Paesschen, Hans Hendrik van

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Paesschen, Hans Hendrik van (or Hans Hendrik van Passe) (c.1515–c.1582). Flemish architect from Antwerp, he introduced Italian Classicism to a Northern Europe where Mannerism was pre-eminent. A contemporary of Palladio and de L' Orme, his reputation has suffered because much of his work has been attributed to Cornelis Floris de Vriendt, and he is known by many names (e.g. Hendrik Fleming, Henry Passe, etc.). He appears to have been selected by Floris to prepare drawings for Antwerp Town Hall (1561–6), while Floris carved the sculptures and dealt with the clients. The Raadhuis (Town Hall) contains many Italian themes and motifs, as does the Hanseatenhuis (Hanseatic House), Antwerp (1564–6—destroyed 1893—also attributed to Floris, but probably by Paesschen). If, as seems likely, he was involved in the design of the Royal Exchange, London (1566–8—destroyed 1666), Burghley House, near Stamford, Lincs. (1564–87), and Theobald's Palace, Herts. (1560s–destroyed), he must be credited with the introduction of Italian Renaissance architecture to England before Inigo Jones was born. He also seems to have designed Bach-y-Graig, Tremeirchion, Flintshire, Wales (1567–9—demolished), in which case he was a Renaissance pioneer there too. His connections with England and Wales were made through Sir Thomas Gresham (c.1519–79), founder of the Royal Exchange, friend of the powerful Cecil family, and English agent in Antwerp. He may have had a hand in the design of Osterley, Mddx., just outside London. He began Kronborg Castle, Helsingør, Denmark (1574). Later he designed Uraniborg, Hven Island, Denmark (1576), for the astronomer Tycho Brahe (1546–1601); the house was crowned with a dome to aid astronomical observation.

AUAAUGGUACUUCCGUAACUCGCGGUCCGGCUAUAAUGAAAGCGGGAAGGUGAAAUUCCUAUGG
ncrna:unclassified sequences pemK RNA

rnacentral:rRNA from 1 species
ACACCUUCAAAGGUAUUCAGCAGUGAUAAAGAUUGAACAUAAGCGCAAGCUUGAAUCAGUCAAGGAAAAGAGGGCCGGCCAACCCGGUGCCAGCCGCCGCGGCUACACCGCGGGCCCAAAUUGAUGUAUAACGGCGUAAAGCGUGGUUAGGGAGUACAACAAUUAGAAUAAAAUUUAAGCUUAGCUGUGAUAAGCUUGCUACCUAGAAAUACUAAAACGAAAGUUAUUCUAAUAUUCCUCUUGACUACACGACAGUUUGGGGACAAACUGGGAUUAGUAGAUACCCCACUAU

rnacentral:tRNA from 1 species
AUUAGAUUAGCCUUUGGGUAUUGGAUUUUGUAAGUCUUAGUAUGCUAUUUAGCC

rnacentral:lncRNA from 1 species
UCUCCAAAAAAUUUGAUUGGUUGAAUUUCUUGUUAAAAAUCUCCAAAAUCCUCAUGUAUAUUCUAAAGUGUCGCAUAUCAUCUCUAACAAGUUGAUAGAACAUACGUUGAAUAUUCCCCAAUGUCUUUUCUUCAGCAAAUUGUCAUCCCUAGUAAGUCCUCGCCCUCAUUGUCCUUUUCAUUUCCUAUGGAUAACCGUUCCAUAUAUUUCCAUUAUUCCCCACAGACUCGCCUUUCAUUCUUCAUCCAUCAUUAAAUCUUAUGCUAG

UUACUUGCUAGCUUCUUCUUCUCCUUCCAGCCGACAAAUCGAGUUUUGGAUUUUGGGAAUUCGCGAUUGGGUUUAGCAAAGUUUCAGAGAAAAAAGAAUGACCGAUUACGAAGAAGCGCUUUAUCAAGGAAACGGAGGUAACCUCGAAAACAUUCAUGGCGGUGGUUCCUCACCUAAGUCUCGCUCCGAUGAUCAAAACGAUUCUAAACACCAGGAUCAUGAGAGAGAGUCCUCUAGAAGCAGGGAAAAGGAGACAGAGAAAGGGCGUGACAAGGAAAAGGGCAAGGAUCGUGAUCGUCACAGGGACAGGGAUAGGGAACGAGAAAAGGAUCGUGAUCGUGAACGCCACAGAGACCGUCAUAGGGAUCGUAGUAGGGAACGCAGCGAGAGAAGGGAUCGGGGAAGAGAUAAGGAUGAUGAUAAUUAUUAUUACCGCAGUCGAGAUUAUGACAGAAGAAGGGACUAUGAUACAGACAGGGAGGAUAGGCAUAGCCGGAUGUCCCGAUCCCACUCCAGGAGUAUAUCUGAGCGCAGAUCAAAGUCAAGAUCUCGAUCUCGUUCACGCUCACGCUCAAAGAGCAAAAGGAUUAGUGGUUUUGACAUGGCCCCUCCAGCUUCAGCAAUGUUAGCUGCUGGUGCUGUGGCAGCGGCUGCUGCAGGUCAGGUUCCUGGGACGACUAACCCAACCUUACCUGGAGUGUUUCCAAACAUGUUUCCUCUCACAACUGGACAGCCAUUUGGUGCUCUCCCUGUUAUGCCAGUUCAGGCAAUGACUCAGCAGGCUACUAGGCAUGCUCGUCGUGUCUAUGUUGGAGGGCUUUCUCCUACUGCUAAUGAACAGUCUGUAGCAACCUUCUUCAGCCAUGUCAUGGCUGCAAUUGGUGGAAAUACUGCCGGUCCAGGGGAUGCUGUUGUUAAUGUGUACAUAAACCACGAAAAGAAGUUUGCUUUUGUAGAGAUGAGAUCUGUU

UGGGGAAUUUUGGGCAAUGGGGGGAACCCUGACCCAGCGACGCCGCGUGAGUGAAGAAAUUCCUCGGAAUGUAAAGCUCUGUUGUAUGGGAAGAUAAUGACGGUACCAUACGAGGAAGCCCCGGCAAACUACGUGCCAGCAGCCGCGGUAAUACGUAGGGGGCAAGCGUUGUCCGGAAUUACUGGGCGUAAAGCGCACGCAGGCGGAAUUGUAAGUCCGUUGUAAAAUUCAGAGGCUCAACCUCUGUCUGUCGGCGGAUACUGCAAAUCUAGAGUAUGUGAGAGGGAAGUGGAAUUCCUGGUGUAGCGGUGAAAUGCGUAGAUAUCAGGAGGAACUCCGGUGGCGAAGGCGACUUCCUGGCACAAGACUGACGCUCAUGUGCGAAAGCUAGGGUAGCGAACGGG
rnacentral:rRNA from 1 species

Hubbard (1986);
Millar (1987);
Murray (1985);
Jane Turner (1996);
van Vynckt (ed.)